Differences between Barnum’s era and later entertainment industry developments are also evident in the relative absence of Disney’s Jumbo spin-off from the exhibition, as a result of the media giant’s obsessive control over the contexts in which its characters are allowed to appear. According to Disney’s 1941 animated yarn, their elephant was named Jumbo Jr., but he was so inept that he was derisively called “Dumbo.” Because of Disney’s unwillingness to cooperate with Tufts, Dumbo makes only an oblique appearance here — in a photograph of a 1945 “Jumbo” B-29 bomber, decorated with art produced by Disney artists contributing to the war effort, who defaulted to a Dumbo image.
Jumbo: Marvel, Myth, and Mascot is also interesting for McClellan’s willingness to play fast and loose with the status of the objects on display. Some are genuine artifacts, but he has substituted reproductions as needed, not only with photographs and posters but also a 3D-printed replica of a commemoratively carved cross-section of Jumbo’s tusk that could not be loaned by its Canadian owner because of laws against traffic in ivory. Nor is McClellan the first curator to discover that, when putting on an exhibition of popular ephemera, certain types of material can be procured more easily off of eBay than through loans.
In one case, however, his failure to win a lot at auction was actually fortuitous: at an early point in his Jumbo research, McClellan found out about a Bonham’s sale that included various Jumbo-related objects from the superintendent of the London Zoo, including Barnum’s letter affirming his offer to buy their “tall elephant,” on the premise that, despite his nervous temperament, “kind treatment and plenty of chains” might enable his transportation to New York. Authorization by the Tufts president to bid up to the top of the estimate was not enough to secure the lot, but McClellan’s status as underbidder was in some respects more productive: he was able to convince the auction house to forward a letter to the successful purchaser, located in St. Thomas (the town where Jumbo met his mythic demise), who turned out to be a major collector of Jumbo-related ephemera.
The Tufts taxidermy collection that Barnum established was always a somewhat odd assortment, since, as a repository of deceased circus animals, it tended toward the exotic. By the 1940s, with any educational or scientific usefulness long past (and the pieces in rather sad shape), the stuffed specimens were cleared out, save for Jumbo, who had acquired mascot status. But Jumbo, too, was lost in a 1975 fire, so all that remains (other than the skeleton still in New York) are some ashes collected the next morning and part of his tail, which had been detached from his body by overly enthusiastic students who had a tradition of tugging it for good luck.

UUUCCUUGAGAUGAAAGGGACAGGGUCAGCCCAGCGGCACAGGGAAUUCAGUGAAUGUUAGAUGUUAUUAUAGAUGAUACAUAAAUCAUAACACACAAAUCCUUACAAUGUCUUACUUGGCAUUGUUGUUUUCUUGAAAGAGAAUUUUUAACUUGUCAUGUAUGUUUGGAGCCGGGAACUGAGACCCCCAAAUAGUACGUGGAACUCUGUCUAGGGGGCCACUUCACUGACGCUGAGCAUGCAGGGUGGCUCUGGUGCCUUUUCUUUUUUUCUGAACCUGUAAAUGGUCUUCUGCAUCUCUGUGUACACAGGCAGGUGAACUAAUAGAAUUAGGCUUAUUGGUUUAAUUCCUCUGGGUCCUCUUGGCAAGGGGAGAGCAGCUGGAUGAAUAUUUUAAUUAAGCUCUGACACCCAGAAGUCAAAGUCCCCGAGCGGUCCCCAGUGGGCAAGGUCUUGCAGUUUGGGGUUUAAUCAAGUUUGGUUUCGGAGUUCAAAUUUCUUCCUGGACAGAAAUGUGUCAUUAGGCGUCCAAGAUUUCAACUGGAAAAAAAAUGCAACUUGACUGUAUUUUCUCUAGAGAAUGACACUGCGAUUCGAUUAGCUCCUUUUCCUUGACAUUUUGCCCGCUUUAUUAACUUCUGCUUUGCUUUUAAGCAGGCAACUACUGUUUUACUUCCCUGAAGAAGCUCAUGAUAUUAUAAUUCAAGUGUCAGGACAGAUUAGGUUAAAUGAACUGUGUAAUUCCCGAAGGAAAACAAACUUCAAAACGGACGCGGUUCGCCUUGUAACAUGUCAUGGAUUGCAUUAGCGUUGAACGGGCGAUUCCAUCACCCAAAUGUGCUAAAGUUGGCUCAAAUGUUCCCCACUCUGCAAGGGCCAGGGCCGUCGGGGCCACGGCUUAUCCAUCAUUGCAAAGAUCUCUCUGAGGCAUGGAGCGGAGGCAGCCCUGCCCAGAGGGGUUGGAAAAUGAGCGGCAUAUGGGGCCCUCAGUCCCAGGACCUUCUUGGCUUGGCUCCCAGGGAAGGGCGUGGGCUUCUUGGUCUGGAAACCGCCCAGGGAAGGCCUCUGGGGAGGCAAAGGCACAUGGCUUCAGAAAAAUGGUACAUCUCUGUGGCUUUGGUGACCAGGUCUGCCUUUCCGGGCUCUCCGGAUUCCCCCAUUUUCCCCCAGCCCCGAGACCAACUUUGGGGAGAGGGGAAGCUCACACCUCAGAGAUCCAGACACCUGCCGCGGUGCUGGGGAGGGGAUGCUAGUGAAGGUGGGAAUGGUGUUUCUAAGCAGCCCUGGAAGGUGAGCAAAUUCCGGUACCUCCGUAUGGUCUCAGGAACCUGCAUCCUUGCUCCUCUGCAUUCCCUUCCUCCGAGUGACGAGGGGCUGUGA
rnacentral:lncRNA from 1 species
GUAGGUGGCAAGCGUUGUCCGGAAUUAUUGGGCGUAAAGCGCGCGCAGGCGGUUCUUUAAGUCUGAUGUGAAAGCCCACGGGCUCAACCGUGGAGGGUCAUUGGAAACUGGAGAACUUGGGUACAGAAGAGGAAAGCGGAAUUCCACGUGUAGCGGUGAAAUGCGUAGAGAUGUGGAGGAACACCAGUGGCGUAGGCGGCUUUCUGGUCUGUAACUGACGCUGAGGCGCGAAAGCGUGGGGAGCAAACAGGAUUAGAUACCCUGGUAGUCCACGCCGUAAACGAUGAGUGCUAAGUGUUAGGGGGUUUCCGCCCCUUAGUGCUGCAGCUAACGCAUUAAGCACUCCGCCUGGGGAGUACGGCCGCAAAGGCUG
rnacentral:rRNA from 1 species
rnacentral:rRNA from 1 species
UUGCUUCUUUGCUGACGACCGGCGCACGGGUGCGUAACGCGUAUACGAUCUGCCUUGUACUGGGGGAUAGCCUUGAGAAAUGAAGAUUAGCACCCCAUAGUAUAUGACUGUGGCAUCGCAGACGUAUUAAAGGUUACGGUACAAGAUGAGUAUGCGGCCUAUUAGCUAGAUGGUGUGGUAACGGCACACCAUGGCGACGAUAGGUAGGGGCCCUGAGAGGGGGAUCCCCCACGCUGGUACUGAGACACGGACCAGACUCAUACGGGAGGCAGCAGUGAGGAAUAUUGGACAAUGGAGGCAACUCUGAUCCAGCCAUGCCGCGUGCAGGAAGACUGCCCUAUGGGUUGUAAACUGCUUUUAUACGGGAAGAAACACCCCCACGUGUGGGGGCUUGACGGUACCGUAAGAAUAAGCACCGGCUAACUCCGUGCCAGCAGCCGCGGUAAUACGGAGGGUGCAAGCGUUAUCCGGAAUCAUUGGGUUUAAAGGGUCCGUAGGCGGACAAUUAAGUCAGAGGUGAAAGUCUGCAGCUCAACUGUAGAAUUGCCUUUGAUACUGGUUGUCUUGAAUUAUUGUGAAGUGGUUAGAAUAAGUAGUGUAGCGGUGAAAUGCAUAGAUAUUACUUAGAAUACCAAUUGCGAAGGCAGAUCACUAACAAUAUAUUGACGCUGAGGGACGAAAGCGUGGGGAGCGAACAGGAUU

The timing of the exhibition coincides with the impending delivery of a brand new Jumbo mascot for the campus, in the form of a life-sized bronze statue (approximately 11 feet high at the shoulders) that will soon arrive from the West Coast foundry where it is being cast. This massive commission will replace a popular yet anachronistic statue of an Asian elephant that has stood on campus since it was donated by an alumni group 1990s — one that originated, appropriately enough, in an amusement park. But because of Barnum’s ban on photographic records, the unabashedly kitschy realism of this new Jumbo effigy is based on earlier images, taken before his departure from London.
Barnum’s funding of a natural history museum at Tufts indicates a certain bid for respectability; yet a half-fish, half-sculpted human form that McClellan clearly couldn’t resist borrowing from Harvard’s Peabody Museum is a possible candidate for one of Barnum’s most famous hoaxes, his so-called “Feejee Mermaid.” It’s also important to note how societal standards have changed: Barnum’s “Ethnological Congress of Strange and Savage Tribes” display (which included a group of Australian Aborigines recruited in 1883) is thankfully now completely unimaginable, and the 2013 documentary Blackfish is emblematic of burgeoning doubts about the ethics of holding intelligent, social animals in captivity for human entertainment at all. But one has to think that Barnum would have felt right in his element if he’d witnessed the crowds lined up around the block outside the Whitney Museum in recent months, eagerly awaiting the opportunity to take selfies in front of Jeff Koons’s shiny, 10-foot-high “Balloon Dog.” With their increasing emphasis on visiting as an event, together with an array of ancillary activities that include shopping and dining venues, live entertainment, exclusive galas, family days, and singles nights, 21st-century museums are clearly managing to uphold the fine entertainment tradition that Barnum worked so tirelessly to promote.
Jumbo: Marvel, Myth, and Mascot continues at the Tufts University Art Gallery (Aidekman Arts Center, 40 Talbot Avenue, Medford, MA) through December 7.